The Wife of Bath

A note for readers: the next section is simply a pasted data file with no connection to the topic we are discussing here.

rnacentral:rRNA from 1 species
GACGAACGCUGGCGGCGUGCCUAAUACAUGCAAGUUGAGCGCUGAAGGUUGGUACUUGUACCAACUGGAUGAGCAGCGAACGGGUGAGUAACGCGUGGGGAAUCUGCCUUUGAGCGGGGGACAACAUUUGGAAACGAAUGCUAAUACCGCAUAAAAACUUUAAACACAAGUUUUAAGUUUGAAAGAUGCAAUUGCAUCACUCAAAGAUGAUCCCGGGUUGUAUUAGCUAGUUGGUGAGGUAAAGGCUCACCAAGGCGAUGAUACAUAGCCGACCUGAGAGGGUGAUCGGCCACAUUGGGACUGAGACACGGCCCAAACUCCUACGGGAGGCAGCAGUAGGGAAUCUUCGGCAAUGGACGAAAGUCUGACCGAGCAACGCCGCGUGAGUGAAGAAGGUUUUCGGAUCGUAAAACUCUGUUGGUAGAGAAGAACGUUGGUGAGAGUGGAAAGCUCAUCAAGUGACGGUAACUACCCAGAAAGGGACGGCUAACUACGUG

The Wife of Bath is acclaimed to be one of Chaucer's most intriguing characters. She achieved much of her reputation from the depth of her area under discussion, luring curious minds into her story and the greater meaning of it all. Chaucer, even as a man, was successful in representing a relatively fair feminist view of the medieval female's plight by employing humor, historical perspective, and individual expression. The text of the Wife of Bath's Prologue is based in the medieval genre of allegorical "confession". This genre of writing, expresses morals or sins in a story, to the reader, through a life story such as the Wife of Bath's, which she proclaims to be an expert on marriage, because of her extensive experiences with her previous five husbands. Explaining all that she has done to her previous five husbands, using her beauty and eloquence to dominate them. The wife utilizes her experiential knowledge of the duality of women's roles, as well as her objections to anti-feminist writings in a satirical way, in order to reverse the roles of man and wife, and to emphasize her total dismissal of male invective and misogynist theories and practices of her time. In doing so, the Wife of Bath's main point is further reinforced, which is that the church breeds hostility towards wives because only men are involved in the writings of the medieval church, and if women were to be involved more in the church that perhaps these writings would be much positive towards the image of women.
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